The Screwtape Letters Chapter 14: Summary & Quotes

Instructor: Kerry Gray

Kerry has been a teacher and an administrator for more than twenty years. She has a Master of Education degree.

In Chapter 14 of 'The Screwtape Letters' by C.S. Lewis, Wormwood's patient is moving in the wrong direction. Is there any hope for Wormwood to turn this around?

Humility

Things are looking hopeless for Wormwood right now. The patient is not behaving the same way he did when he originally converted. This time it seems sincere. He is no longer making promises for a lifetime of purity; he is humbly asking for help to make it through each day. Unless Wormwood can intervene with this newly acquired virtue, the patient's humility will keep him in the Enemy's camp. Humility is the quality of realizing you are not better than other people.

The patient humbly asks for help.
God over Satan

Pride

The best way for Wormwood to interrupt the patient's virtuosity is to make him aware of it. Just at the moment when he is feeling particularly humble, Wormwood will remind him how humble he is, thus introducing pride. Pride is pleasure at one's own achievements. When the patient realizes what he is doing and tries to stop, Wormwood needs to make him proud of his desire to stop. 'Catch him at the moment when he is really poor in spirit and smuggle into his mind the gratifying reflection, 'By jove! I'm being humble', and almost immediately pride - pride at his own humility - will appear.' This can go through several levels, but not for too long before the patient sees the humor in the situation and finds something else to do.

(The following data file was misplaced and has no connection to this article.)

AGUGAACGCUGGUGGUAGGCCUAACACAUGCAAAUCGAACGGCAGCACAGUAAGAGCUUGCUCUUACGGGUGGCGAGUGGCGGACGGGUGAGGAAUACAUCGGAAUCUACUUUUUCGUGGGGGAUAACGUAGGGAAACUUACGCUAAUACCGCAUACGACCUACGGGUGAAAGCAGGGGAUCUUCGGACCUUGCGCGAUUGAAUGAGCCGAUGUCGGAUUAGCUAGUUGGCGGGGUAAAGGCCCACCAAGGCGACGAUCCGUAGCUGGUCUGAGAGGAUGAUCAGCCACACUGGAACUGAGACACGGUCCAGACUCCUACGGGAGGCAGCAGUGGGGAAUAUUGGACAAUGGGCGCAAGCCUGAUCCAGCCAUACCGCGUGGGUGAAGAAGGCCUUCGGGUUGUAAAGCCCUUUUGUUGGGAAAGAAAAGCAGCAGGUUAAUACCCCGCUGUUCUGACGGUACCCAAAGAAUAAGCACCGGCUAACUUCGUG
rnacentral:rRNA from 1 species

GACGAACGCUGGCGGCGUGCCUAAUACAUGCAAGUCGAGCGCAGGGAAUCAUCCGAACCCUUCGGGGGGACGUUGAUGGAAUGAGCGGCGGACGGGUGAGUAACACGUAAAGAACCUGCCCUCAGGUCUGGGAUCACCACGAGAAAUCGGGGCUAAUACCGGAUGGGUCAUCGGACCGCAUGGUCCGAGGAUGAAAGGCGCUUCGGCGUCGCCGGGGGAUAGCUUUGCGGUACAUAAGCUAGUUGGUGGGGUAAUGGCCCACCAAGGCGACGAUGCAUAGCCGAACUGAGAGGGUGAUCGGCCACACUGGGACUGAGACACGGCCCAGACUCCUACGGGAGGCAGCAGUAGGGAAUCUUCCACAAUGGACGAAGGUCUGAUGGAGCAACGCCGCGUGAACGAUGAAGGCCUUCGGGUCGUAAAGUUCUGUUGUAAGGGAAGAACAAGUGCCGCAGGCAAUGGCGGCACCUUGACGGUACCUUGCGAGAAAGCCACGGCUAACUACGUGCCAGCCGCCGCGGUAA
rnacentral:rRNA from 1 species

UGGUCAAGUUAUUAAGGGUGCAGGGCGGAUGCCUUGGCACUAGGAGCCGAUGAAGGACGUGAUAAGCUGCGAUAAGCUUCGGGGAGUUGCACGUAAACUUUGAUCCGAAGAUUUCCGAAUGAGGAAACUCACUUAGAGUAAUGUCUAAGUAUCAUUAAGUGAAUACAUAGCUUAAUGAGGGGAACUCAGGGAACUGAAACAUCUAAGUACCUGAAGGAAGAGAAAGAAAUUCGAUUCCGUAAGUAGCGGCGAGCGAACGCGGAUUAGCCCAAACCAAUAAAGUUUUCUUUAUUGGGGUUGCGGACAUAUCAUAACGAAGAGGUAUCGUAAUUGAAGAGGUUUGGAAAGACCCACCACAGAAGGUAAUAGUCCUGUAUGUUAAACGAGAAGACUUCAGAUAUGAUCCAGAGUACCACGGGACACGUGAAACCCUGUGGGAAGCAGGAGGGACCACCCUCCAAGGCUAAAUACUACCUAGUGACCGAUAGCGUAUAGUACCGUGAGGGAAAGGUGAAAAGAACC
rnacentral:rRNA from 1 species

Self-Esteem

Another way to attack the patient's humility is to make him think that the goal is for him to have a low opinion of himself. Wormwood should make the patient think that he is less talented than he thought he was. 'No doubt they (his talents) are in fact less valuable than he believes, but that is not the point.' This approach adds an element of deceitfulness into the situation, such as 'pretty women trying to believe they are ugly and clever men trying to believe they are fools.' Since the patient will be unsuccessful trying to convince himself that he is less than he is, the result will be a cycle where he is continuing to focus on himself.

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